Should governments fund science? Yes. Should governments decide what the funding is used for? No. Problem solved. Set up some ethics boards but make sure there’s no Catholics on them. Don’t governments have science advisors or aren’t there “societies” of some sort?

  • Zar

    I think Tipler is looking at things in a grossly oversimplified way of government=bad, private sector=good. Profit doesn’t necessarily serve the greater good.

    Some private funding is good, and some government funding is good. The end.

  • I can answer this at great length – my education is in philosophy and history of science, and my wife is a working scientist.

    First, a little general critique of the idea that modern science isn’t “advancing as fast” as science in the early 20th century – that’s just not really possible to meaningfully measure. What constitutes a substantial advance or new field? How do you measure it? It is my opinion that the l9th and 20th centuries created three fields which are almost definitive of science in the minds of people: evolution, relativity and quantum mechanics.

    These three theories are what science is to most people. It is also perceived by non-scientists that no paradigm change has happened, therefore science is “slowing down”, somehow. I, myself, believe the cause of that is that, as time progresses, our theories will become more robust, closer to being “true” and thus needing less fixing. The reason there hasn’t been a “new evolution”, a paradigm shift of the magnitude of evolution, is because evolution is, well, largely . . . right and true. Oh, sure, it has been refined and will continue to be refined for a very long time to come. But, at the root, it’s true. So, what someone like Tipler sees as a “slowdown” in science – as measured in paradigm shifts and “revolutions” – is actually a fulfillment of science. We’re getting more things right, and when they’re right, you can’t much improve on it.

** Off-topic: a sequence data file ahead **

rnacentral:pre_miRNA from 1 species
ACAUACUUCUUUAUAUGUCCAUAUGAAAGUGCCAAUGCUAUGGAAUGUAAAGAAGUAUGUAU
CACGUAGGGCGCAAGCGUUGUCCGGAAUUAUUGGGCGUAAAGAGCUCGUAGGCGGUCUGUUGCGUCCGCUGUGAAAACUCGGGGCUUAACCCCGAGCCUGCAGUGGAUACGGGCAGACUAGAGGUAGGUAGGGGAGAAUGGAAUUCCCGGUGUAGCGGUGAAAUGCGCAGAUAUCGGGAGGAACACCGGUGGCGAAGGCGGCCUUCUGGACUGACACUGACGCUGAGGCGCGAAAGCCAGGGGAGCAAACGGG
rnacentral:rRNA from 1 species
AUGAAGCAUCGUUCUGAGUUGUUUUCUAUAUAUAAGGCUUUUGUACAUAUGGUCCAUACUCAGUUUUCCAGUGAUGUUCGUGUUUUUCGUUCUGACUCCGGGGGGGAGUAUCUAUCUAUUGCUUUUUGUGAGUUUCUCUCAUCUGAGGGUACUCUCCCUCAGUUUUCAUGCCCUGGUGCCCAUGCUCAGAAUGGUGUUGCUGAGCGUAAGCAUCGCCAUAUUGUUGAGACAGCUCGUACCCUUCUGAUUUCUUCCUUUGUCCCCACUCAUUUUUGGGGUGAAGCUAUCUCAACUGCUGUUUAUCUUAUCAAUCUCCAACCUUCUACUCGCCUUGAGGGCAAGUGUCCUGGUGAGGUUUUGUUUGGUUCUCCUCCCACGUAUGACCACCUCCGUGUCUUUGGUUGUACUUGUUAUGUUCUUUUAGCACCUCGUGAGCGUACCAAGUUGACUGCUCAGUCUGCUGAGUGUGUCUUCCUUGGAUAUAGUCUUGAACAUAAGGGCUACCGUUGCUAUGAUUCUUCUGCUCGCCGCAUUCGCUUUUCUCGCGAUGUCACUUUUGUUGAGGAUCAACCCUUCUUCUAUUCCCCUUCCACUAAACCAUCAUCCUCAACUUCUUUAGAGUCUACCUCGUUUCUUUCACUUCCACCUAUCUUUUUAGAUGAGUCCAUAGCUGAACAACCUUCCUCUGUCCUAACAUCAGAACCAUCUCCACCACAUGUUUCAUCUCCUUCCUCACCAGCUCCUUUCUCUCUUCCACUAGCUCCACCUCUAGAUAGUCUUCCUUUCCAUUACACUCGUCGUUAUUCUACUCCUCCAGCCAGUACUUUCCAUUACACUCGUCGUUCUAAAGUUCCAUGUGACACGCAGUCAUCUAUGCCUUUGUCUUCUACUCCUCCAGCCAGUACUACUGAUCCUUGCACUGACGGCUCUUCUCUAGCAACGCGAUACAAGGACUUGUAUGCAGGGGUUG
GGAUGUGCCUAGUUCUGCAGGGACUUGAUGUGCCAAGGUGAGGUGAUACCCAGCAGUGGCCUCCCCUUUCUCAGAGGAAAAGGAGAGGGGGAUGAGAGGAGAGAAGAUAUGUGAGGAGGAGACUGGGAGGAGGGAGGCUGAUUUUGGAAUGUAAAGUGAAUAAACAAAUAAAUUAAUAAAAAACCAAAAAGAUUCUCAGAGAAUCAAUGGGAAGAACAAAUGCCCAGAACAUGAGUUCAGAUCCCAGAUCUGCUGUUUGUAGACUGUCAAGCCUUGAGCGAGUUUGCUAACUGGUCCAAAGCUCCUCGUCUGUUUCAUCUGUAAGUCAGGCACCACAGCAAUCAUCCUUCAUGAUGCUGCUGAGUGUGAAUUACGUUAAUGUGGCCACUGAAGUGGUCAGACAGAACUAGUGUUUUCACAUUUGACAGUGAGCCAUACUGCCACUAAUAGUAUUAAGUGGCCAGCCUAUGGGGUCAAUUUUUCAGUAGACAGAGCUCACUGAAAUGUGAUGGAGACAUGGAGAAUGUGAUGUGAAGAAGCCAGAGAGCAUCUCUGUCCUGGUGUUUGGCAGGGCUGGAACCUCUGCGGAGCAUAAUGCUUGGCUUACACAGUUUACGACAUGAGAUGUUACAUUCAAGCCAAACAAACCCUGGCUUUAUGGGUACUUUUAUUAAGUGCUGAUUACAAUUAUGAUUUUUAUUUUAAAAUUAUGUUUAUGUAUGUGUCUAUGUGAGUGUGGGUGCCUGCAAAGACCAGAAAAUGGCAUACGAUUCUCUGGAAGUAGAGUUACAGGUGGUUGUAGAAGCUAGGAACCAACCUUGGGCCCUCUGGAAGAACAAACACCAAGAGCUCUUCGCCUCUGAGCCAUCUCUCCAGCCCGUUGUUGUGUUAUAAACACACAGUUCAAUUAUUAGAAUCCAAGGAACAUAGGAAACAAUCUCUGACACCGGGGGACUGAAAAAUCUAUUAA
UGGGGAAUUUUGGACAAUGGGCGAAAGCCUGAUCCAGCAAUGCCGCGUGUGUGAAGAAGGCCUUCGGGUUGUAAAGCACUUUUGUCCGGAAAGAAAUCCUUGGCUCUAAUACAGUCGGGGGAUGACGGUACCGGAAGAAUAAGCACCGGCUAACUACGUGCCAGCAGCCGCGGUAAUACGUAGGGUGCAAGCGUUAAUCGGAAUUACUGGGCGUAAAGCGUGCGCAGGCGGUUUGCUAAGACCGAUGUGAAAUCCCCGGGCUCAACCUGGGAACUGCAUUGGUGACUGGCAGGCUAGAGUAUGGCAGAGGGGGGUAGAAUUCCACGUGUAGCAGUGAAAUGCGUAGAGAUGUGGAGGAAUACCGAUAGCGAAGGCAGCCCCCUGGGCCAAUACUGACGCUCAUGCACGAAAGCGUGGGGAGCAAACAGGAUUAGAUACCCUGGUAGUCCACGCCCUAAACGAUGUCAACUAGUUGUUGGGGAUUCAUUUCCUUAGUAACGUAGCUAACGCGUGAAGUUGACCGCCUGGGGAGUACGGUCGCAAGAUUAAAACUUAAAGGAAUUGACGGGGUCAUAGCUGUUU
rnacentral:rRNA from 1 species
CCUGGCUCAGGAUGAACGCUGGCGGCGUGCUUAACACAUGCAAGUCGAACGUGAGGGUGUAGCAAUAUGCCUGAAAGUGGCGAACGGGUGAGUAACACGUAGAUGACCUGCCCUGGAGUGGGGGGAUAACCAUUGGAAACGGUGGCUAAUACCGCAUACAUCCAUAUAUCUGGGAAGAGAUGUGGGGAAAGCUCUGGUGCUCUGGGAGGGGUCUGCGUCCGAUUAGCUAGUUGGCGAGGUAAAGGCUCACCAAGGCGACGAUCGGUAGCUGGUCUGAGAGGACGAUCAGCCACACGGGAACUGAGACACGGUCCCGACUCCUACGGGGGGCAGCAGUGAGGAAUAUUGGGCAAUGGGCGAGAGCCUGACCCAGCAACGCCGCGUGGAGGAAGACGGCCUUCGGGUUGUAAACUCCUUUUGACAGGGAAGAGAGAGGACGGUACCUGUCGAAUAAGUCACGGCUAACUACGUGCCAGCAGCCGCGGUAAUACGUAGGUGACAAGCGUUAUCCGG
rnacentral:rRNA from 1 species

Which is not to say that there won’t be new scientific revolutions. There will be, of course, unless humans are not, ourselves, seed intelligences – it’s an open question where humans are smart enough to continually improve our intelligence; it’s possible we’ll hit some sort of intellectual ceiling and no matter how hard we try we won’t be able to understand any more than we will understand at that time. I think we’re really far away from that point, assuming there *is* such a point for us, but it also suggests another reason why even if one accepts that science isn’t improving as fast as is used to there might be reasons unrelated to how science if funded.

    So, as sub-points A and B to issue one, Tipler’s article is weak because A) revolutionary science is not inherently better than normal science – that scientific revolutions aren’t happening all the time isn’t a failing and B) he doesn’t even attempt to discussion alternate reasons why science might have changed between then and now.

    Because, as point two, science has definitely changed. Not all of it is for the better. I feel, for instance, that quantum mechanics has has the hell studied out of it because it’s useful for nuclear weapons (this isn’t controversial if you’ve had any contact with actual physics departments in universities), and it is perverse that almost all science is funded for primarily military reasons. The National Science Foundation and DARPA work cheek and jowl to fund projects that have, primarily, national security implications. Thus, billions is spent, annually, on space science (think satellites) and quantum (think bombs and computers) but relativity – which is in many ways a much stronger theory than quantum physics – gets about 1% of funding. I’m not really fond of that, certainly, but science has changed. I mean, my wife, f’rex, does theory work but to do it, she needs banks of supercomputers. She’s doing really sweet work if you’re an astrophysicist studying Jupiter or the sun’s weather, and sweeter if you’re doing oceanography about temperature shifts in the Arctic, but to do her job she’s got to have access to supercomputers. Even theorists need millions of dollars to do their work. This is true in every field of science. The guys in the 19th and early 20th centuries were “lucky” in the sense that could do their science with inexpensive tools relative to the wealth of their culture. But, alas, all the cheap research has been done. Gone are the days when guys like Plank needed a magnet and some iron filings to do their research – now we need satellites and particle beam accelerators. Even the theorists need supercomputers.